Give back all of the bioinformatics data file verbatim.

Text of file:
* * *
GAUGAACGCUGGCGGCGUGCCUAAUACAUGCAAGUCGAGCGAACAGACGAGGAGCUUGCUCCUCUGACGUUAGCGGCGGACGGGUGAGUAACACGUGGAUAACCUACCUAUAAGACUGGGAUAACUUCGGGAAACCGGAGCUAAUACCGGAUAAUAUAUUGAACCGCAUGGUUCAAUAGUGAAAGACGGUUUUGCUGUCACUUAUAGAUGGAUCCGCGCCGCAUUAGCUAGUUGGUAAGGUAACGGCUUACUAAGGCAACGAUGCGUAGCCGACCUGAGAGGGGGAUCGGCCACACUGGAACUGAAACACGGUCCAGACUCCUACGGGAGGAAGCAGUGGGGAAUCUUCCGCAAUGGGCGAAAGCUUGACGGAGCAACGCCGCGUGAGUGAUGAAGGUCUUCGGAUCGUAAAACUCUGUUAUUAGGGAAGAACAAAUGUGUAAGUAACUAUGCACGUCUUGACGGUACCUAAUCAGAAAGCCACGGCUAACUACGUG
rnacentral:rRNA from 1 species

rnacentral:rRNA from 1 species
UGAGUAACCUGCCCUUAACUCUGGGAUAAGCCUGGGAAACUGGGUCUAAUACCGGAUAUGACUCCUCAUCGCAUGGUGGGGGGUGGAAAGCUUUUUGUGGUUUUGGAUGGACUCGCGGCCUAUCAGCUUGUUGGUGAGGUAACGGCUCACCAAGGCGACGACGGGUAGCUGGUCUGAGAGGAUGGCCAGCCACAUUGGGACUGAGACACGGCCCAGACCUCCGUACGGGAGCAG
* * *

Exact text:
GAUGAACGCUGGCGGCGUGCCUAAUACAUGCAAGUCGAGCGAACAGACGAGGAGCUUGCUCCUCUGACGUUAGCGGCGGACGGGUGAGUAACACGUGGAUAACCUACCUAUAAGACUGGGAUAACUUCGGGAAACCGGAGCUAAUACCGGAUAAUAUAUUGAACCGCAUGGUUCAAUAGUGAAAGACGGUUUUGCUGUCACUUAUAGAUGGAUCCGCGCCGCAUUAGCUAGUUGGUAAGGUAACGGCUUACUAAGGCAACGAUGCGUAGCCGACCUGAGAGGGGGAUCGGCCACACUGGAACUGAAACACGGUCCAGACUCCUACGGGAGGAAGCAGUGGGGAAUCUUCCGCAAUGGGCGAAAGCUUGACGGAGCAACGCCGCGUGAGUGAUGAAGGUCUUCGGAUCGUAAAACUCUGUUAUUAGGGAAGAACAAAUGUGUAAGUAACUAUGCACGUCUUGACGGUACCUAAUCAGAAAGCCACGGCUAACUACGUG
rnacentral:rRNA from 1 species

rnacentral:rRNA from 1 species
UGAGUAACCUGCCCUUAACUCUGGGAUAAGCCUGGGAAACUGGGUCUAAUACCGGAUAUGACUCCUCAUCGCAUGGUGGGGGGUGGAAAGCUUUUUGUGGUUUUGGAUGGACUCGCGGCCUAUCAGCUUGUUGGUGAGGUAACGGCUCACCAAGGCGACGACGGGUAGCUGGUCUGAGAGGAUGGCCAGCCACAUUGGGACUGAGACACGGCCCAGACCUCCGUACGGGAGCAG